The whole intro you’re just picturing this barge on huge hurricane seas with stuff going over the side. Then it’s all, “Ok, where do we go from there?” At the time we were really influenced by [Black] Sabbath. We’re always really influenced by Sabbath, but it’s just all kick drum. You hit every odd note in between the kick drum to make the riff and then when the riff comes in it makes sense so it’s another Al… I don’t know. That guy’s pretty amazing, man. And it’s not like I don’t contribute it’s just he thinks differently than most people you ever met. It’s pretty crazy, hahaha. But yeah that song turned out amazing too. It’s one of those things where, when we get together and write all this magic shit happens cause everybody’s so fucking pissed off at the world that you get all these weird things. And that one though we did have the whole intro and we had the main body of the riff and then other than that we had a couple other parts and then my job in Sleep is to kind of add weird details but then have Jay time ideas I have because if I don’t have timing I’ll just wank so that band tries to teach me how to be patient, heh heh heh. So I’m learning how to be patient and wait for my part to come up. It’s hard to explain unless you’re in the room. It’s weird but we had that song for fucking I swear to god twenty years. That should have been on Dopesmoker and it just never happened like that and the same thing with “Antarcticans Thawed.” It should have been on Dopesmoker. Those two songs were written about the same time but then we just changed the tuning and Al wanted to use a five string so I had to figure out the theory behind– I am not going to buy a seven string guitar cause I think that’s fucking lame. I figured out a drop tuning that would keep up with him in B, which means I actually have to tune every other string up a half step and then drop my tuning. It was weird but it’s cool experimenting like that cause we get used to something too long and then we try something different [and] sometimes it works out.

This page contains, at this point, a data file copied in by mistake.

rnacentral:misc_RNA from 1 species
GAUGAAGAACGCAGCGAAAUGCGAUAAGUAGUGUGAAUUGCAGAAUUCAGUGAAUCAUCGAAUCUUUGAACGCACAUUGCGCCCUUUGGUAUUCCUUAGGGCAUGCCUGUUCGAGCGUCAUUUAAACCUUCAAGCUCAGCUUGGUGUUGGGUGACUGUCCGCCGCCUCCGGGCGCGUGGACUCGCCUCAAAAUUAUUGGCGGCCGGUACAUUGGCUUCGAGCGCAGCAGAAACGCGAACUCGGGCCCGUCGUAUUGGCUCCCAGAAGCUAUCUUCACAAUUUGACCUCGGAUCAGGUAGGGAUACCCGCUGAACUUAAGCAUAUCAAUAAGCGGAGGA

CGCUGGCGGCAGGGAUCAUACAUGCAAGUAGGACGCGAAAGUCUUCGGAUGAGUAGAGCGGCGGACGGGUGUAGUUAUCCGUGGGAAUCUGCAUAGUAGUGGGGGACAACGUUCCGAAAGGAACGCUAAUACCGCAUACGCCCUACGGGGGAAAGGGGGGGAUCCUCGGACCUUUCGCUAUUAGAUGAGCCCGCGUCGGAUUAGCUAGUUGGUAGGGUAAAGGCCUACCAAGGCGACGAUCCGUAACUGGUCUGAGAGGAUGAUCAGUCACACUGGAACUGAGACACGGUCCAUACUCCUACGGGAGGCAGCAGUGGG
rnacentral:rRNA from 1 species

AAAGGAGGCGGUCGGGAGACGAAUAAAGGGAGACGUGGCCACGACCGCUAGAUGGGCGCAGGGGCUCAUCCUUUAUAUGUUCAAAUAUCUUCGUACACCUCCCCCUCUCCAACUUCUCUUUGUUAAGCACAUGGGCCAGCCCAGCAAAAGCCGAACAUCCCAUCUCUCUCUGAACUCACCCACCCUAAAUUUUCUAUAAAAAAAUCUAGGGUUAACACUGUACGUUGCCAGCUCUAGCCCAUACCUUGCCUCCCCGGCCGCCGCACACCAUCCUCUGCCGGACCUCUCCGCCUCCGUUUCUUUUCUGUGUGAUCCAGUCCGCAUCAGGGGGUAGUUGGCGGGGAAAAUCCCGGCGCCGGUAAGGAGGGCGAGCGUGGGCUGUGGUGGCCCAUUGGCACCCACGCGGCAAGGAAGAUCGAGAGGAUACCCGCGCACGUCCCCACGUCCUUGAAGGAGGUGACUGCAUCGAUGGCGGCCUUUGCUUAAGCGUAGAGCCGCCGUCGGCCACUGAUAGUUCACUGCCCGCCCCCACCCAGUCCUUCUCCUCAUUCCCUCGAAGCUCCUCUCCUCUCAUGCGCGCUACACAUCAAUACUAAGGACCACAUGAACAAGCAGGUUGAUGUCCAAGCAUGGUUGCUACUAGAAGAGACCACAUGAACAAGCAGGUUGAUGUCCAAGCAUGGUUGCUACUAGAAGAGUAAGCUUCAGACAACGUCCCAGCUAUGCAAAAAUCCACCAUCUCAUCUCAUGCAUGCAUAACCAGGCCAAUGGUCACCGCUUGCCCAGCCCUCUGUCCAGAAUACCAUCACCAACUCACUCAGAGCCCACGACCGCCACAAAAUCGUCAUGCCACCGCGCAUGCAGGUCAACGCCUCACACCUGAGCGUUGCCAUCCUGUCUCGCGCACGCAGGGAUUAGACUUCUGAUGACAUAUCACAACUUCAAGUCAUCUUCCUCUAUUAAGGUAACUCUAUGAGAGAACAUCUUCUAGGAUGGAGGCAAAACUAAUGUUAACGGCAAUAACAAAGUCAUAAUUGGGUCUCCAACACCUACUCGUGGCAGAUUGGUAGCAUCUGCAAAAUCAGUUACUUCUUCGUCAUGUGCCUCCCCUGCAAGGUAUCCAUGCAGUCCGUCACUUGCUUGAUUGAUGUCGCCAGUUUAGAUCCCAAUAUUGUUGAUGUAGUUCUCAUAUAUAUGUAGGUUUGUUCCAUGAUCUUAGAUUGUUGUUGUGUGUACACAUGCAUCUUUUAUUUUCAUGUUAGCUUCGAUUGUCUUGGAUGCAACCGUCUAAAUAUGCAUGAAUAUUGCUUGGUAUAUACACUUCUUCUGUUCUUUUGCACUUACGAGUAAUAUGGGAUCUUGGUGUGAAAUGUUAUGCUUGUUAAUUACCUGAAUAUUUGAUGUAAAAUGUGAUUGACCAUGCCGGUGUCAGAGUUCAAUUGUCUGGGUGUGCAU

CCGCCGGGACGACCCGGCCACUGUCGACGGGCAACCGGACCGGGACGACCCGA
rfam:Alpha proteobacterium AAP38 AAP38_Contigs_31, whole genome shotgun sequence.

So another thing I wanted to ask about was the whole issue with Dopesmoker like you were saying, which was originally released in ’98 as Jerusalem and had been kind of chopped up into different parts by the label and I know the band wasn’t really pleased with that version.

No. I took action cause Al was missing in action. He took like eight years off of music altogether. Chris went into the mountains and wasn’t doing anything. I got together with Al and Chris for the first time in like eight years and I was like, “hey dudes, we have a chance to get this back and release Jerusalem as Dopesmoker how we intended it with different masters and a different version” cause Al had one that had desert lyrics and Al had one that had space lyrics and so we went with the desert theme on the second release but the first one was chopped up because at that point in time there was not downloads, there wasn’t streaming, there was barely internet and they needed a radio version and that’s what they were trying to sell it as. “You just aren’t seeing the future here” and so we had to go into hiding before people discovered that it was a piece of work.